View Single Post
Old 05-09-2011, 09:57 AM   #2 (permalink)
FitDay Member
Join Date: May 2011
Posts: 59

Hello! I'm new too, I've been doing this for a few weeks.

I know you're feeling despairing, but you've already made a lot of positive changes. You've cut out junk, you're showing a lot of discipline, you're exercising regularly.

I'm guessing that you're consuming too many calories and limiting your diet too severely. If you really are eating nothing but animal foods, that's extremely unbalanced. Unless you have coeliac disease, you shouldn't need to cut out all grains, and even coeliacs have a fair number of grains they can still eat. (I went gluten-free for a year, I should know.) Pulses are good too. And what's happening with fruit and veg?

For the time being, why don't you try eating a good variety of foods and concentrating on the calorie side of things. Have you tried using the FitDay calculator to see how many calories it recommends? It's meant to be fairly good. Log absolutely everything you eat, make sure you get the amounts correct (you get to know your kitchen scales and measuring cups very well, though after a while you can do some of it by eye), and FitDay will tot up the calories for you. It also tots up carbs, fat, protein, micronutrients, pretty much everything (except for sugars and pantothenic acid, for some odd reason) and does nice little analyses for you. Log your diet for a few days, then come back and tell us how many calories you're consuming, your balance of carbs/protein/fat, and how many calories FitDay things you should be eating.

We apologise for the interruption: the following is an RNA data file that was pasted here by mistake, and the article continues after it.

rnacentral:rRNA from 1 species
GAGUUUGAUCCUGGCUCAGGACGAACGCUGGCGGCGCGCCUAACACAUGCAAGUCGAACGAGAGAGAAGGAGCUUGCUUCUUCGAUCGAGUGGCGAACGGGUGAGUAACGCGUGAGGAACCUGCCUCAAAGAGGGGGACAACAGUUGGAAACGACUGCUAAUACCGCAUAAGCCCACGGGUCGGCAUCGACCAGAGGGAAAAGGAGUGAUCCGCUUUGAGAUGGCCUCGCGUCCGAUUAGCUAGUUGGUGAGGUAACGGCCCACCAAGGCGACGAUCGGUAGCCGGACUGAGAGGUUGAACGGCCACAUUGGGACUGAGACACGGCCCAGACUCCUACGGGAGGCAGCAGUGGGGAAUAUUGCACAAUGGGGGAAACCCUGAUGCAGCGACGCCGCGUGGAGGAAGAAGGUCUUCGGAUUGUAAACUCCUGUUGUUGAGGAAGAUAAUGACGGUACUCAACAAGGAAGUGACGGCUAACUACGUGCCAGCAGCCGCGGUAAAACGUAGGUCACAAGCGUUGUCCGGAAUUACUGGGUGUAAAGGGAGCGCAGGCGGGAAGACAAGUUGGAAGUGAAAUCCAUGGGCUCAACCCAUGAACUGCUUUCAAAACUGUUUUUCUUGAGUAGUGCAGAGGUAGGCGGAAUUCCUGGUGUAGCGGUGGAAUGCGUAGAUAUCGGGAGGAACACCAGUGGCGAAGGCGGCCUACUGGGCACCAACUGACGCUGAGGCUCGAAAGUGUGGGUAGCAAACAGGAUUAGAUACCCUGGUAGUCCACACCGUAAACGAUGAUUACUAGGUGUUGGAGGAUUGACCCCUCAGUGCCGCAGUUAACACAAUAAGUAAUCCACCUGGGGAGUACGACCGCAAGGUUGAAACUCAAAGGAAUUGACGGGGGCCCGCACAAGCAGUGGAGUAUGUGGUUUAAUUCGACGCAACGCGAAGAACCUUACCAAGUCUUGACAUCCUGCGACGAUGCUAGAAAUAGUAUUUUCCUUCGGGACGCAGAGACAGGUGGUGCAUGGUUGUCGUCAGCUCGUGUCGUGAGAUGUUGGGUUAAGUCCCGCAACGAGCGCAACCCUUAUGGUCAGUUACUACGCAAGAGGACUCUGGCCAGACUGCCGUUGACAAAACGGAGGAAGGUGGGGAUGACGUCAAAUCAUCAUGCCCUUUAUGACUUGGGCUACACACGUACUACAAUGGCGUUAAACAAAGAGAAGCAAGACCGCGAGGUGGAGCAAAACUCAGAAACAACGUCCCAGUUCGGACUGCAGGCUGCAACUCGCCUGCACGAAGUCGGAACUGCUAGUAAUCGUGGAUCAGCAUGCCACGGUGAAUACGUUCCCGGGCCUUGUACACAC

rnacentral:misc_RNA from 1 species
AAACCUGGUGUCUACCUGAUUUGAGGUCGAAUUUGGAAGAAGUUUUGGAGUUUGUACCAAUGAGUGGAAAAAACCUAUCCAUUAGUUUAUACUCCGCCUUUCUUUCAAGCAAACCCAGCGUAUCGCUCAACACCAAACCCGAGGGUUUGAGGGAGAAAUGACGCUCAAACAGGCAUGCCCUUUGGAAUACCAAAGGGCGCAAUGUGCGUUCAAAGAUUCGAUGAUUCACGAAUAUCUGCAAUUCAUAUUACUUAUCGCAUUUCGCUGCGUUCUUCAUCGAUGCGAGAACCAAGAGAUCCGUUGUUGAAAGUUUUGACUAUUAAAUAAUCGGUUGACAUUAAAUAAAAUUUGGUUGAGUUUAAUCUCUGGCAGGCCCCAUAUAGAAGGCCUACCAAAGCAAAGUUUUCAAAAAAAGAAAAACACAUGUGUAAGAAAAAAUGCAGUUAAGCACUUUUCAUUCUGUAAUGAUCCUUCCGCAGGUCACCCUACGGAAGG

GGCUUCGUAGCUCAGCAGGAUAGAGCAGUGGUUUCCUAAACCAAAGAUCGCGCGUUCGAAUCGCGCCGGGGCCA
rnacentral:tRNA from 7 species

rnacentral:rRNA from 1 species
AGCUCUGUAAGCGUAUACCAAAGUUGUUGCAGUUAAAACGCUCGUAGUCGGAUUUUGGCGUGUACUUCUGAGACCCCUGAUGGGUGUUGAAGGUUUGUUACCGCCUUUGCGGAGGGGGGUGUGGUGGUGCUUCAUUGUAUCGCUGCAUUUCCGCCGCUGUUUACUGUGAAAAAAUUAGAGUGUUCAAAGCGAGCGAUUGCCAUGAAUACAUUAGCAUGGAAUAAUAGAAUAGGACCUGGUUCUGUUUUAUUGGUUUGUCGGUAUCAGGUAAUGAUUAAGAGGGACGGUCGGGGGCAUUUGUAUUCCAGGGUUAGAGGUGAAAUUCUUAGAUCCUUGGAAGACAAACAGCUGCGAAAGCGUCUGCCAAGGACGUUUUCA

There's a good post somewhere here by a professional archaeologist who has pointed out that these primal blueprint diets are wildly inaccurate in their estimation of what early humans ate, and that in fact the diet was a great deal more varied than that. Possibly it's a page or two into the "dangers of Atkins" thread?

By the way, isn't raw milk meant to be quite the health risk? There's a reason why it's not the standard form of milk.
Esofia is offline   Reply With Quote